The regulations and enforcement strategies followed by the Sarbanes-Oxley Act (SOX) modify or enhance existing rules tackling security concerns. The SOX Act brings improvements in corporate responsibility, accounting directives, new protections, and criminal punishment. Apart from the financial aspects of a company, such as accuracies, controls, and audits, the SOX Act influences demand for information technology sectors concerning electronic records (Abdioglu, Bamiatzi, Cavusgil, Khurshed, & Stathopoulos, 2015).
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The standards established in the Act do not indicate how businesses ought to maintain their records. Still, they only affirm that the information and technology departments have the accountability to store them (Gu & Zhang, 2017). The SOX Act has a high impact on corporate governance in the United States. It encourages public companies to reinforce audit boards, carry out internal control checks, hold directors and officers responsible for the precision of fiscal statements, and fortify disclosure. It also calls for stricter criminal punishments for security fraud and transforms the operation of public accounting companies.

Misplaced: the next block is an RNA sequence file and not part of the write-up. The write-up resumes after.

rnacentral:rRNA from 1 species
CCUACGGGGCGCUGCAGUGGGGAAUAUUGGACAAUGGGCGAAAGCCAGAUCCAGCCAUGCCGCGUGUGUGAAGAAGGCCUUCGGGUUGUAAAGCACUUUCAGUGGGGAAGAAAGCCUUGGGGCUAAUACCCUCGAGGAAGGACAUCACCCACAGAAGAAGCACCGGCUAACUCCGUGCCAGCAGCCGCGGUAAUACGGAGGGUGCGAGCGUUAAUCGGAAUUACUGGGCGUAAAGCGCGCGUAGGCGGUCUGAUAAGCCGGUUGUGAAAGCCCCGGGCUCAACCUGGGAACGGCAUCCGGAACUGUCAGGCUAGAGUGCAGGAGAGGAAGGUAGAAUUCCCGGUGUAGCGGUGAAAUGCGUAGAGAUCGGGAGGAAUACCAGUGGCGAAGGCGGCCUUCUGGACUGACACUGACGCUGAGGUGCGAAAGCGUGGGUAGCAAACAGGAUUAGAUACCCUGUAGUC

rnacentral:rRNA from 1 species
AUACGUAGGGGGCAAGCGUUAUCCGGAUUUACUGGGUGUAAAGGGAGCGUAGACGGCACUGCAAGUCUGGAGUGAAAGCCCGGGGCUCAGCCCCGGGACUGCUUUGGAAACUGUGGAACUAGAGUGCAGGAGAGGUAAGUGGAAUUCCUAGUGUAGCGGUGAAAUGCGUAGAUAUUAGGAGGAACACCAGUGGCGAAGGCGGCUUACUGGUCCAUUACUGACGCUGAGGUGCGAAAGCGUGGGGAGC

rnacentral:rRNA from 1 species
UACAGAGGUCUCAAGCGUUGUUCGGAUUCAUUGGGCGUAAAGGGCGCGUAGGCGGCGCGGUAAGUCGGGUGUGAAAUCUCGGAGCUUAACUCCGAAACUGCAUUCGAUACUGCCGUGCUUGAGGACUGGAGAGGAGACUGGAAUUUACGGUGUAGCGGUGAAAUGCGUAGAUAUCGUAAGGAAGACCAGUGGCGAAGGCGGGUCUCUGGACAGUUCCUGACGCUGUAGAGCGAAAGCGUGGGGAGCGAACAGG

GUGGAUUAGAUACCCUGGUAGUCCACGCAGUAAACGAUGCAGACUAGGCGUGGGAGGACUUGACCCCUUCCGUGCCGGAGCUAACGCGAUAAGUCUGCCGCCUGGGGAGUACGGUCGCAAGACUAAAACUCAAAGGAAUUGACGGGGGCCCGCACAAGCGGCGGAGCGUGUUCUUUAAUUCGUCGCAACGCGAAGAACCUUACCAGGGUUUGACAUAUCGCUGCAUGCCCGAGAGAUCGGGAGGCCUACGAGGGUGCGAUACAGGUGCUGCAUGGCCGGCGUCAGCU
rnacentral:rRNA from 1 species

Under corporate governance, the members of audit committees have to be independent of the management, acquire new accountabilities that include the approval of several services, choose and oversee external auditors, and address complaints concerning the accounting functions of the executive. The SOX Act modifies management’s accountability for fiscal reporting considerably (Banerjee, Humphery-Jenner, & Nanda, 2015).
The Act demands that top executives personally confirm the accurateness of monetary reports. When the executives deliberately or intentionally make mistaken certifications, they may serve more than ten years’ jail terms. Suppose companies are compelled to make necessary accounting restatement attributable to the wrongdoing of executives. In that case, top directors may be forced to forfeit their bonuses or profits obtained from the stock sale. In cases where officers or managers are convicted of securities law infringements, they can be barred from serving in similar roles at public companies.
Abdioglu, N., Bamiatzi, V., Cavusgil, S. T., Khurshed, A., & Stathopoulos, K. (2015). Information asymmetry, disclosure and foreign institutional investment: An empirical investigation of the impact of the Sarbanes-Oxley Act. International Business Review, 24(5), 902-915.
Banerjee, S., Humphery-Jenner, M., & Nanda, V. (2015). Restraining overconfident CEOs through improved governance: Evidence from the Sarbanes-Oxley Act. The Review of Financial Studies, 28(10), 2812-2858.
Gu, Y., & Zhang, L. (2017). The impact of the Sarbanes-Oxley Act on corporate innovation. Journal of Economics and Business, 90, 17-30.